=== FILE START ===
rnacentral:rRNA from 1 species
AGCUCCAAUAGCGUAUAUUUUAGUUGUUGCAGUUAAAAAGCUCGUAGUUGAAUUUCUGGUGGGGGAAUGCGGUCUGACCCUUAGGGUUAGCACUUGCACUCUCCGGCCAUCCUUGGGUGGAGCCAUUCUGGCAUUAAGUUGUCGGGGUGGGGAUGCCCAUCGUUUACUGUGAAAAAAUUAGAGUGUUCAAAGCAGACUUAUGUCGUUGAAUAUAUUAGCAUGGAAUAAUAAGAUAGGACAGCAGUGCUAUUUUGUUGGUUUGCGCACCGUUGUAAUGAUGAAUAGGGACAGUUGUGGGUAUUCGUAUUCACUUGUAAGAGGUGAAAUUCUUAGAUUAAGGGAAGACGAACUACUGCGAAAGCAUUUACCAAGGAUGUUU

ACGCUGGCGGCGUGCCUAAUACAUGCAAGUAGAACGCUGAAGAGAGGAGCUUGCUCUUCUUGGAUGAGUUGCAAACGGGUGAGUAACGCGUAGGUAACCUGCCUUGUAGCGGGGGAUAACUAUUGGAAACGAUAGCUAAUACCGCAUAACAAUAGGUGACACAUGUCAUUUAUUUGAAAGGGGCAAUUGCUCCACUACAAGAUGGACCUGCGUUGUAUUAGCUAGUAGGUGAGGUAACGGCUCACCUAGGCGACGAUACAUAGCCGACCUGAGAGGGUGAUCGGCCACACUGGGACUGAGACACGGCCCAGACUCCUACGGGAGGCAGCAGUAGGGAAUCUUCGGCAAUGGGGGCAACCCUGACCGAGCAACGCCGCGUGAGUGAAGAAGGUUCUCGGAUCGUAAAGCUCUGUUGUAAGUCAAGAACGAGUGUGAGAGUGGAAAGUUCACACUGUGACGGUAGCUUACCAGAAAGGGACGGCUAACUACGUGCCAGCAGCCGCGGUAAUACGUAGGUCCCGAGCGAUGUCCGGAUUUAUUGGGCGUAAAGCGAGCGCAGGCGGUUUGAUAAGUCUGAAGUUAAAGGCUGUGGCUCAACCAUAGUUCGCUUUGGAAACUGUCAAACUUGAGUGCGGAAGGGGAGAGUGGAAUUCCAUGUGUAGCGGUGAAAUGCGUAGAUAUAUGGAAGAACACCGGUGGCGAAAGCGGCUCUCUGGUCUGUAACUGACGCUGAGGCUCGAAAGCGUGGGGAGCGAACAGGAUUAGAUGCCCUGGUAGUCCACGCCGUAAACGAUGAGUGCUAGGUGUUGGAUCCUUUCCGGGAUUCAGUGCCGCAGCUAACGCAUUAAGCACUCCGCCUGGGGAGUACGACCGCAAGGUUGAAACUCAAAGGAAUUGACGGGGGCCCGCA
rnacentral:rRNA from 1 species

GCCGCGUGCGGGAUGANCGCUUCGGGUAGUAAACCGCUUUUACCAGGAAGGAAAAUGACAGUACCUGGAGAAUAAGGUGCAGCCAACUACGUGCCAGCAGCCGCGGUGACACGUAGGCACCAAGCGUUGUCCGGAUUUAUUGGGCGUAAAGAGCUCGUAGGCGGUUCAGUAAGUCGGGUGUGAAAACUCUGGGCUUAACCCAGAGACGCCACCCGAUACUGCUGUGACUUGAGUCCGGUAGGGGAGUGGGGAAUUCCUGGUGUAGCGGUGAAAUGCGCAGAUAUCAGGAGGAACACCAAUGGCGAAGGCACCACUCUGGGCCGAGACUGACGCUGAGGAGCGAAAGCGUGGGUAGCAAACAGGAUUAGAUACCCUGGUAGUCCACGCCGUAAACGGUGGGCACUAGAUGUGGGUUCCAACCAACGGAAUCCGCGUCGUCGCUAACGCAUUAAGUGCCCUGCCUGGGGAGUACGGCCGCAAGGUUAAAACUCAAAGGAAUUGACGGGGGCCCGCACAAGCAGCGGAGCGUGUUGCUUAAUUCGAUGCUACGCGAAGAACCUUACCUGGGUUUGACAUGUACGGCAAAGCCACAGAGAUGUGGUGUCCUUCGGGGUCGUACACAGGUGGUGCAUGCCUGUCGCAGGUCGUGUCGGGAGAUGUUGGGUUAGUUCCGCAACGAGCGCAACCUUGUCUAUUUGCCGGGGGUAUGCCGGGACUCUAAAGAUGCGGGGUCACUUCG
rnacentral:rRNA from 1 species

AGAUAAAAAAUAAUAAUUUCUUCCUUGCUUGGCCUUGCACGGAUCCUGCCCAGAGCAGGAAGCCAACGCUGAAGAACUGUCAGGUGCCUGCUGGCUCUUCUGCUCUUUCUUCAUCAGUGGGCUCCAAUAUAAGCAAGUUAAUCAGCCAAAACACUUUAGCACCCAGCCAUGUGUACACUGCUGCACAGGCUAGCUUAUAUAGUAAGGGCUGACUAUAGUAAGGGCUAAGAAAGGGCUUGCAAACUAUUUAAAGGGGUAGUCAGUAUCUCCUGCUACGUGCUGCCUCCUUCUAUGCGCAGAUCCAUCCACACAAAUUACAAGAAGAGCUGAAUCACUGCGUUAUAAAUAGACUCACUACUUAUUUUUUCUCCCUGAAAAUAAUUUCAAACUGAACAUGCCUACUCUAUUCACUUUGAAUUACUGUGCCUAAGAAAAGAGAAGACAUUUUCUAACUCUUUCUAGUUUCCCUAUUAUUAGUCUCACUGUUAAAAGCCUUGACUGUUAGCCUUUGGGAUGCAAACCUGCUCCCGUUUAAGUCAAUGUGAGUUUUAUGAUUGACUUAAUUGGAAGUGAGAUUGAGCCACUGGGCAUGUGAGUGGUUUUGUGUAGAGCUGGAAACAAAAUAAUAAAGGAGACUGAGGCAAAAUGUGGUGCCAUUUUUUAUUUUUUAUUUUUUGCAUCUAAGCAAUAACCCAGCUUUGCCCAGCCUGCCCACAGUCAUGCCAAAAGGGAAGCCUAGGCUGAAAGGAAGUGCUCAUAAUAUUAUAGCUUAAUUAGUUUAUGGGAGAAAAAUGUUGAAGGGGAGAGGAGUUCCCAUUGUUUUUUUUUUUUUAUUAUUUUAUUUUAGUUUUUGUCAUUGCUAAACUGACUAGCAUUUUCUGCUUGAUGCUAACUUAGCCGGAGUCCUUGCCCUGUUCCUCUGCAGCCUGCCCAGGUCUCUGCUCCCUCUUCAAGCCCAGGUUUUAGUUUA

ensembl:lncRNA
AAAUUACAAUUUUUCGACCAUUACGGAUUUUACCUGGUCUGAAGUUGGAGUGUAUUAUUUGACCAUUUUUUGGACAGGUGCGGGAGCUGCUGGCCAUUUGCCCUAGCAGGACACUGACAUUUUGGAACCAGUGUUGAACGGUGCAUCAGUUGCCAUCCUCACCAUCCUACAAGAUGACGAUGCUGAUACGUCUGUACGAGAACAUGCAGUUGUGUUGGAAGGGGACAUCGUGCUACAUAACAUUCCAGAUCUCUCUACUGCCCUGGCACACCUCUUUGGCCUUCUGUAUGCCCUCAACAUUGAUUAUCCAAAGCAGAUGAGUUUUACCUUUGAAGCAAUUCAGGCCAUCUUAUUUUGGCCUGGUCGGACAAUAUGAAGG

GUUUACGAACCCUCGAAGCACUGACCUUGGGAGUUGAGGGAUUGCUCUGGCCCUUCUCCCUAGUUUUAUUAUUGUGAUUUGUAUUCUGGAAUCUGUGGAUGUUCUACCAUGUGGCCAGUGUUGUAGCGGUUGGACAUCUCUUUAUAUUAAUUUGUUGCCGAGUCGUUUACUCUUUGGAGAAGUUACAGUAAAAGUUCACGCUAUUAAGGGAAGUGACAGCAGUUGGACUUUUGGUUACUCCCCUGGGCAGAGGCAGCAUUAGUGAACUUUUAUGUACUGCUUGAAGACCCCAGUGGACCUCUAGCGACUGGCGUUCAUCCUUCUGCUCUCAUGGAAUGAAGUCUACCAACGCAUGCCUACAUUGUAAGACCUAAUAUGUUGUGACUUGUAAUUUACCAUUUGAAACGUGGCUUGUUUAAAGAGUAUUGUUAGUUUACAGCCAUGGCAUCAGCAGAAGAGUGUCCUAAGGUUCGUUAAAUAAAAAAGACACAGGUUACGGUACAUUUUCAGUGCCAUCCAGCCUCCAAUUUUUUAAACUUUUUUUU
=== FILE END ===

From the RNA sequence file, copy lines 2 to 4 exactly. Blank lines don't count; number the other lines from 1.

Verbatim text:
AGCUCCAAUAGCGUAUAUUUUAGUUGUUGCAGUUAAAAAGCUCGUAGUUGAAUUUCUGGUGGGGGAAUGCGGUCUGACCCUUAGGGUUAGCACUUGCACUCUCCGGCCAUCCUUGGGUGGAGCCAUUCUGGCAUUAAGUUGUCGGGGUGGGGAUGCCCAUCGUUUACUGUGAAAAAAUUAGAGUGUUCAAAGCAGACUUAUGUCGUUGAAUAUAUUAGCAUGGAAUAAUAAGAUAGGACAGCAGUGCUAUUUUGUUGGUUUGCGCACCGUUGUAAUGAUGAAUAGGGACAGUUGUGGGUAUUCGUAUUCACUUGUAAGAGGUGAAAUUCUUAGAUUAAGGGAAGACGAACUACUGCGAAAGCAUUUACCAAGGAUGUUU

ACGCUGGCGGCGUGCCUAAUACAUGCAAGUAGAACGCUGAAGAGAGGAGCUUGCUCUUCUUGGAUGAGUUGCAAACGGGUGAGUAACGCGUAGGUAACCUGCCUUGUAGCGGGGGAUAACUAUUGGAAACGAUAGCUAAUACCGCAUAACAAUAGGUGACACAUGUCAUUUAUUUGAAAGGGGCAAUUGCUCCACUACAAGAUGGACCUGCGUUGUAUUAGCUAGUAGGUGAGGUAACGGCUCACCUAGGCGACGAUACAUAGCCGACCUGAGAGGGUGAUCGGCCACACUGGGACUGAGACACGGCCCAGACUCCUACGGGAGGCAGCAGUAGGGAAUCUUCGGCAAUGGGGGCAACCCUGACCGAGCAACGCCGCGUGAGUGAAGAAGGUUCUCGGAUCGUAAAGCUCUGUUGUAAGUCAAGAACGAGUGUGAGAGUGGAAAGUUCACACUGUGACGGUAGCUUACCAGAAAGGGACGGCUAACUACGUGCCAGCAGCCGCGGUAAUACGUAGGUCCCGAGCGAUGUCCGGAUUUAUUGGGCGUAAAGCGAGCGCAGGCGGUUUGAUAAGUCUGAAGUUAAAGGCUGUGGCUCAACCAUAGUUCGCUUUGGAAACUGUCAAACUUGAGUGCGGAAGGGGAGAGUGGAAUUCCAUGUGUAGCGGUGAAAUGCGUAGAUAUAUGGAAGAACACCGGUGGCGAAAGCGGCUCUCUGGUCUGUAACUGACGCUGAGGCUCGAAAGCGUGGGGAGCGAACAGGAUUAGAUGCCCUGGUAGUCCACGCCGUAAACGAUGAGUGCUAGGUGUUGGAUCCUUUCCGGGAUUCAGUGCCGCAGCUAACGCAUUAAGCACUCCGCCUGGGGAGUACGACCGCAAGGUUGAAACUCAAAGGAAUUGACGGGGGCCCGCA
rnacentral:rRNA from 1 species